The colour settings of the K-01 are the same as those used on the Pentax range of DSLRs. The majority of these settings, such as portrait, muted, landscape, black & white and vibrant, are to be expected, but it is good to find a few other interesting picture effects to choose from. Three different cross-process colour effects are available, with the option to customise and save up to three more. Also included is a bleach-bypass effect.
Image: The K-01’s bleach-bypass effect produces some very interesting colour effects
Not included are the toy camera and pseudo tilt-shift lens effects that we have seen in many cameras released over the past year. Although I enjoy using these effects on point-and-shoot models, I rarely, if ever, use them on compact system cameras or DSLRs, so I don’t particularly see their omission from the K-01 as a negative point.
The AWB setting works very well – and perhaps a little too well. The results are very close to neutral, but this can leave images looking devoid of any natural colour.
Outside in overcast conditions, colours are very flat, whereas switching to the overcast setting produces a more pleasing and realistic image, with more colour in foliage. Similarly, when shooting inside, cream walls are rendered as a neutral grey.
It is possible to adjust each of the white balance settings to taste, and I would recommend that anyone buying the K-01 spends a little time doing so. Of course, if you shoot raw images then any white balance issues are easily solved, but it is always a good idea to try to get the best possible starting point in-camera because it can save a significant amount of editing time later.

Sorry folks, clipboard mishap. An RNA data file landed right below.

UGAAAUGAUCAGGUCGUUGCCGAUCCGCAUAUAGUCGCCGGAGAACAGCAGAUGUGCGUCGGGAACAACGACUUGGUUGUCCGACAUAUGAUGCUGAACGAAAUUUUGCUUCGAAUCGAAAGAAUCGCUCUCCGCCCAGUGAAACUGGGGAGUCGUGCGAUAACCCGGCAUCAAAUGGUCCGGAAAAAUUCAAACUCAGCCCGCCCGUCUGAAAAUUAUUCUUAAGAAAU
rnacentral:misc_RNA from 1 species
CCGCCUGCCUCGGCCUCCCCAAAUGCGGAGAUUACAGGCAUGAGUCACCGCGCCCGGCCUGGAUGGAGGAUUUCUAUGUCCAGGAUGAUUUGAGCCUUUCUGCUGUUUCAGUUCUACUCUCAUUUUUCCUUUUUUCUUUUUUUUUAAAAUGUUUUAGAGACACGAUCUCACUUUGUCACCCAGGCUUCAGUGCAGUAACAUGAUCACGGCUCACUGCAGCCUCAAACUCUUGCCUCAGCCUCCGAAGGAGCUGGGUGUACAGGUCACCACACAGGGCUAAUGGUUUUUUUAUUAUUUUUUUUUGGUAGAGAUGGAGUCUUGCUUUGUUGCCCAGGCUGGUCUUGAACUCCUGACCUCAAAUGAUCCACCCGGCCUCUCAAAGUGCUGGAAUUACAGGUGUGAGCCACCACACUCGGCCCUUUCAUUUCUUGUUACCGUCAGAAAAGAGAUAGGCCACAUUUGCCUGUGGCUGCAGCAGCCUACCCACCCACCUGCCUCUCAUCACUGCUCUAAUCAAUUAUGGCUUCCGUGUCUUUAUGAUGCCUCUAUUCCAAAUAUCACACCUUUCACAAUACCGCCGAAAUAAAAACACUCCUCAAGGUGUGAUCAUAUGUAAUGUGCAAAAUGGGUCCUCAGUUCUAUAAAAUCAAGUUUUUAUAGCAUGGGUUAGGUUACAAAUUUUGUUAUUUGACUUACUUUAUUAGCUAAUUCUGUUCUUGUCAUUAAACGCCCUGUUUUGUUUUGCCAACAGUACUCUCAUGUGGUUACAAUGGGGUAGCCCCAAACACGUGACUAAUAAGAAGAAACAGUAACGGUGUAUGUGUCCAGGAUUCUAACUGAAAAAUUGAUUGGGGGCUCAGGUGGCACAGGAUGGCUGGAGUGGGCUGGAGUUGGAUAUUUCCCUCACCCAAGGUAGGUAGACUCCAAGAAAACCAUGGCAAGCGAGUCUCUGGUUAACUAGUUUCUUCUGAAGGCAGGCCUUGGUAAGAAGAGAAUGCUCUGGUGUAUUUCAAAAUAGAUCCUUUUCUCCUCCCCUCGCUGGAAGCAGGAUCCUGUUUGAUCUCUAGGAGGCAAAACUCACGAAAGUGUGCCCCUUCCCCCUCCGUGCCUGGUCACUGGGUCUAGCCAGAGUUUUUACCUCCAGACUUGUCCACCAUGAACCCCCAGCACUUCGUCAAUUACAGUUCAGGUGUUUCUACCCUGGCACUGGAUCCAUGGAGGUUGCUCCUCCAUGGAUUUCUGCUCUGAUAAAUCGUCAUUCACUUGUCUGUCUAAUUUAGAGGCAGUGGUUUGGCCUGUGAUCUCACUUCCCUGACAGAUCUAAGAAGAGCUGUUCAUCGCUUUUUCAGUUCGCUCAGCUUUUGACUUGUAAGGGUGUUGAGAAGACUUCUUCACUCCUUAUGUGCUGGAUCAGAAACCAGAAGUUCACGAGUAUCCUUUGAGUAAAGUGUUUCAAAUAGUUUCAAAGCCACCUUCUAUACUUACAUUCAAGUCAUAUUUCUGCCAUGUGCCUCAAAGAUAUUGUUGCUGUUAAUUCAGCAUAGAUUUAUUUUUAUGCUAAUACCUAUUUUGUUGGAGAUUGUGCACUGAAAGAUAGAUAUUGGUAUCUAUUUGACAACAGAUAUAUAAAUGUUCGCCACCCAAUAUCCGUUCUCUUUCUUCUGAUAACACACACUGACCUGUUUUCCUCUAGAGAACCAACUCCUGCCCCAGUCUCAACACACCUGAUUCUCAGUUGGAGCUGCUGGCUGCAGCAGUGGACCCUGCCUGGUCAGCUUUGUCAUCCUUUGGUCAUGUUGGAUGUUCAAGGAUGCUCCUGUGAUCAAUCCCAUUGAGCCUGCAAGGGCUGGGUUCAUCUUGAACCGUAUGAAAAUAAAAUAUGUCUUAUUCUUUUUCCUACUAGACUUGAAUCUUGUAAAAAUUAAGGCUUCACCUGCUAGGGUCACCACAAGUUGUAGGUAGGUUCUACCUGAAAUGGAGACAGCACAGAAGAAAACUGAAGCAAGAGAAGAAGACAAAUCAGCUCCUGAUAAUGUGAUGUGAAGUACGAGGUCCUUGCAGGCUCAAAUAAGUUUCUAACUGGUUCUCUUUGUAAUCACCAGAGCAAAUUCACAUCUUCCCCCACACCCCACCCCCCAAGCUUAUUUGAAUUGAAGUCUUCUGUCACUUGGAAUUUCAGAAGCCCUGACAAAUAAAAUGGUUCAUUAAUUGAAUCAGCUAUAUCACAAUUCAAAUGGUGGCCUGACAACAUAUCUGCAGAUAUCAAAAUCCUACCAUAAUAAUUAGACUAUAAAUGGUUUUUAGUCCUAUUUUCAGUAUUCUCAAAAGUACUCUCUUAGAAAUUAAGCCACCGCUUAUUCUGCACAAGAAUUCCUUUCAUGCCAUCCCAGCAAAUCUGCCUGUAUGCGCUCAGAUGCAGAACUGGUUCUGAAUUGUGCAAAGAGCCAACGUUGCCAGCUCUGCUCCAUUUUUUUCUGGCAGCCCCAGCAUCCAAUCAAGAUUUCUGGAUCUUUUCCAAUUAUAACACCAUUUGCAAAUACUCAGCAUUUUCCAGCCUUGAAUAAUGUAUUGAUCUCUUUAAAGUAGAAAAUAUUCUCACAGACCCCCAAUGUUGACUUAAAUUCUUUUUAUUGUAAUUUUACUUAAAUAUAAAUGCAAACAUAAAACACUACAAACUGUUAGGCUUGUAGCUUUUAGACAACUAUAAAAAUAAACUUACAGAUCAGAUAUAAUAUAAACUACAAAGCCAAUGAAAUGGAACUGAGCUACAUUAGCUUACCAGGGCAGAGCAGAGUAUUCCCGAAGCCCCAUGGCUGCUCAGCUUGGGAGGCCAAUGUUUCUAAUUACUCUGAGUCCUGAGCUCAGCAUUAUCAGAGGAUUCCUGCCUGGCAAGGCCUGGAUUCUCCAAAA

Noise, resolution and sensitivity
These images show 72ppi (100% on a computer screen) sections of images of a resolution chart, captured using a Pentax 16-50mm f/2.8 lens. We show the section of the resolution chart where the camera starts to fail to reproduce the lines separately. The higher the number visibile in these images, the better the camera’s detail resolution is at the specified sensitivity setting.
With an ISO sensitivity of 100-25,600, the K-01 has a range 1EV smaller than that of the K-5, which uses the same sensor.
At its slowest settings, the K-01 performs as would be expected for a 16.28-million-pixel camera and it is able to resolve up to around 26 on our test chart. When images are captured as DNG raw files they can be sharpened a little more, and the result is the appearance of more detail being resolved. In reality, the lines on the chart do start to merge, although it is better to have this perceived detail than just a blur.
As the sensitivity increases, so does the noise. Luminance noise starts to creep in at around ISO 800, although colour noise isn’t really a concern until ISO 1600. If shooting raw files at these sensitivities, it is fairly straightforward to reduce both types of noise at this setting without the image becoming too smudged or desaturated.